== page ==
Friday, October 7, 2011

Weekend Adventure.

I had the most amazing adventure this weekend. I was kidnapped by a group of women and whisked away, deep into the Adirondack mountains - to laugh and bond and to grab life by its...ahem, stuff and experience every moment in vivid and wondrous new ways.


The weekend certainly delivered.

It was a trip filled with firsts - a trip that I almost didn't take when I actually took a moment to think about them all. It left me gasping with incredulity: First time away from my kids. First time at camp (brown people don't camp, you see. We study hard and grow up to become doctors, lawyers or engineers. No overnight camps allowed.). First time kayaking. First time doing archery.

 Pretty proud of myself, both in the water and on land. I love that both of these firsts were caught on camera!

I just happened to get six bulls eyes in a row. Promise.

(Interesting side note: I just looked up the verb form of archery, and the internet blew up at me. No joke. Apparently I'm not the only one confused about the correct terminology relating to archery.)

Why was I doing this again? What had driven me to such madness?

I blame my neighbors, that lovely group of women who insisted that I join them, insisted that it would be worth the effort, and insisted that we have a raucous, and yes, a rejuvenating time.


 Someone left this at the outdoor chapel/meditation space. I'll never know who or what it was left in tribute to...but it was a beautiful gesture and a touching treasure to chance upon.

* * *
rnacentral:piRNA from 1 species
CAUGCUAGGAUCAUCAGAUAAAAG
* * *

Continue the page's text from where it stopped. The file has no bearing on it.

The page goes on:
I thought that I would miss my kids, and I did - but not nearly in the soul-aching, worrying way that I had anticipated. Instead, I found myself feeling like I wanted them with me because I was having so much fun. I had more fun than it should be legally allowed to have when you are a rather cautious, thirty-something mother of two. I found myself pushing harder, willing to try anything and everything I could cram into my 48 hours away because I wanted my family to know that I had used my time wisely, I wanted them to be proud of every new adventure their Mama experienced.

In other words, for about two days straight....I acted like a twelve year-old. And it felt so good.

Channeling my inner Katniss. (If she was a brown chick and wore a big yellow raincoat.)

 Matching camp braids and a friendship bracelet. I took the overnight camping experience VERY seriously!

Here my room mate and I show off our glamorous breathe right strips (which we used at night because we were both as sick as dogs). 
Too bad my nose is so big that you can't even tell that it's there.